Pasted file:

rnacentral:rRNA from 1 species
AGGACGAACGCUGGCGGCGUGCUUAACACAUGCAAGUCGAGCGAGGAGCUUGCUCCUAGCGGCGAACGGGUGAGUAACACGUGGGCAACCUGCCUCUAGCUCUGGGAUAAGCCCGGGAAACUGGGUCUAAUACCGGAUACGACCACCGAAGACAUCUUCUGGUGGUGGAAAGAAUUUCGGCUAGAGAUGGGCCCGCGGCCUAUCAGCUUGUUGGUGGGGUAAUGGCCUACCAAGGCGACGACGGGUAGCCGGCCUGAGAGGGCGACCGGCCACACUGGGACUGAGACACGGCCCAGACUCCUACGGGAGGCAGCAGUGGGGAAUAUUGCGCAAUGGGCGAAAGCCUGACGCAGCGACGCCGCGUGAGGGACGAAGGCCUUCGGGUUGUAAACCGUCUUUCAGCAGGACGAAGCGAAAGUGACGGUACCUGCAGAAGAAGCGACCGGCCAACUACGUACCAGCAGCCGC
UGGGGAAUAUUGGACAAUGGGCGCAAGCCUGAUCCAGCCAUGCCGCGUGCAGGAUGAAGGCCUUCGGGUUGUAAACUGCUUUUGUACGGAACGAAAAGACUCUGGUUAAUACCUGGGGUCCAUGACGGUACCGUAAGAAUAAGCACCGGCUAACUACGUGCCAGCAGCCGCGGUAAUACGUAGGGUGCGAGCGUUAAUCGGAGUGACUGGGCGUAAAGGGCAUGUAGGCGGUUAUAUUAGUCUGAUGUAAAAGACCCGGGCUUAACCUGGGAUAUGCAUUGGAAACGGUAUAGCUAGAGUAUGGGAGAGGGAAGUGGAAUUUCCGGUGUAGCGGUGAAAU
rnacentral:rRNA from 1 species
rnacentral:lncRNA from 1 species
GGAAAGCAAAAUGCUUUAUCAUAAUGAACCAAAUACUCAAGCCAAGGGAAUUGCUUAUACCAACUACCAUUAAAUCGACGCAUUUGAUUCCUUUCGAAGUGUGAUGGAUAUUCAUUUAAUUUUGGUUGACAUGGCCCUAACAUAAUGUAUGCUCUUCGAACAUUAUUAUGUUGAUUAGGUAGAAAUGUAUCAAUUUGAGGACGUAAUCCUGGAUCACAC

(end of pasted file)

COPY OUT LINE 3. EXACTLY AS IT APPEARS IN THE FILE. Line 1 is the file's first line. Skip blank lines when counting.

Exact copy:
UGGGGAAUAUUGGACAAUGGGCGCAAGCCUGAUCCAGCCAUGCCGCGUGCAGGAUGAAGGCCUUCGGGUUGUAAACUGCUUUUGUACGGAACGAAAAGACUCUGGUUAAUACCUGGGGUCCAUGACGGUACCGUAAGAAUAAGCACCGGCUAACUACGUGCCAGCAGCCGCGGUAAUACGUAGGGUGCGAGCGUUAAUCGGAGUGACUGGGCGUAAAGGGCAUGUAGGCGGUUAUAUUAGUCUGAUGUAAAAGACCCGGGCUUAACCUGGGAUAUGCAUUGGAAACGGUAUAGCUAGAGUAUGGGAGAGGGAAGUGGAAUUUCCGGUGUAGCGGUGAAAU